Sunday, April 18, 2010

Just Whoosh!

"Do you smell gas?" Herself asks, each time she walks by the nook where we keep the central heating boiler.
"No," I say, barely looking up from my latest paperback novel, or history, or comedy. It's become a reflex action for me, like shaking my head triumphantly through the impermeable window of the sliding door on the porch at desperate, commission-only direct sellers, or the grabbing up at work-day's end of another leaflet for fake third-world charity clothing collectors from the doormat and flinging it unceremoniously into the kitchen bin. Herself put a "NO JUNK MAIL" label on the window this weekend. It will be interesting to know how well it works.
Anyway, in the later summer season of 2009 we purchased a new patio heater, those monstrous, "War-of-the-Worlds"-like constructions that stand in other peoples' gardens and put forth warmth at the day's end when just enough wine has flowed that it seems unfair to have to go back into the house, but just enough cool air has descended that it's too cold to sit outside without some artificial heat. The monster lay in its cardboard box the whole winter through to 2010 until I finally put it together last week and stood gazing in wonder at its green, giantish frame. It's heat lamp, promising many kilowatts of butane-powered comfort, must be a couple of feet in diameter. I wondered if a standard gas cylinder would survive for more than 20 minutes work.
The instructions were printed on a big silver label stuck at eye level on the eight foot high steeple.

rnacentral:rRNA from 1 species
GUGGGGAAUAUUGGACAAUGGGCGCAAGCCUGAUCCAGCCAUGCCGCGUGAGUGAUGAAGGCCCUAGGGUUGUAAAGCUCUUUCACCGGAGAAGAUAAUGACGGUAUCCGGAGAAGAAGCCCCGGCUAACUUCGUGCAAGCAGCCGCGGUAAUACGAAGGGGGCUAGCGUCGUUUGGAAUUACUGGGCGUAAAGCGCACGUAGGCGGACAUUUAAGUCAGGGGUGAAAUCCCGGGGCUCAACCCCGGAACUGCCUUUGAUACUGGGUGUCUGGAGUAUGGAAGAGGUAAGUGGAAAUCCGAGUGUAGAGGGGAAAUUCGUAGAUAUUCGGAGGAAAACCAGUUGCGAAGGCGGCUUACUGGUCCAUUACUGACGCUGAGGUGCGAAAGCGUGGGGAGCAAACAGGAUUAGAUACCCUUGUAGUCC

"One," I read. "Turn on the gas at the Regulator."
I lifted the Part A slotted into Part B and secured with several Number 3 nuts, bolts, washers and split washers and turned the valve to "On".
"Do you smell gas?" Herself asked mildly, passing by with a bowl of summer salad.
"No," I said automatically.
"Two," I read. "Ensure that the parabolic reflector (F) is aligned in the correct bracket (Q) for optimum heat efficiency."
I pulled experimentally at the wooden and chrome handle to tilt the monster's high-hat into the correct angle.
"Do you smell gas?" Herself asked, putting two wine glasses and a platter of garlic bread on the garden table.
"No," I said, moving on.
"Three," I read. "Turn the red labelled knob (P), to the start-up position (D)."
I twisted the penny-sized black plastic disc a little left and right until it engaged satisfactorily, then went back to my reading.
"Do you smell gas?" Herself asked, putting cutlery and some serviettes out.
"No," I said automatically.
"Four," I read. "Press the red button igniter (K) two or three times to ignite burner."
On the second click, there was a flash. Not a little "Voomph!" noise that one associates with the start-up of a toasted cheese sandwich under the gas grille, but the "RAWER-OOMPH" of a titanic, high-orbit achieving rocket motor.
Molten wine glasses, red-hot cutlery and charcoal garlic bread disappeared upwards into the stratosphere with the speed and sudden all-embracing sound of the creation of a universe. A huge pillar of flame beckoned the last tardy Israelites out of the wilderness into comfortable suburbia. Dogs fifteen back gardens away were unaccountably singed of every vestige of winter fur. My standard spectacles were wonderously changed to a pair of trendy reaction lenses, matt blackened with a hint of Roy Orbison around the edges. My face was changed forever into a negative image of a racoon's.
The only things surviving were three salad leaves and the serviettes, the latter jauntily yellow for the recent easter season, they flapped down from on high like juandiced doves dispensing the holy spirit on 11 quaking apostles.
After a quiet, cold time Herself said:
"Do you want the wine now, or later?"
I said:
"Now would be good."
We drank wine.
From the bottle.
With the gas clylinder turned firmly off.


Adele said...

I am sorry that it was at your expense, but that gave me one of the best laughs I have ever had!

Willie_W said...

Icelandic volcanoes, how are ya?!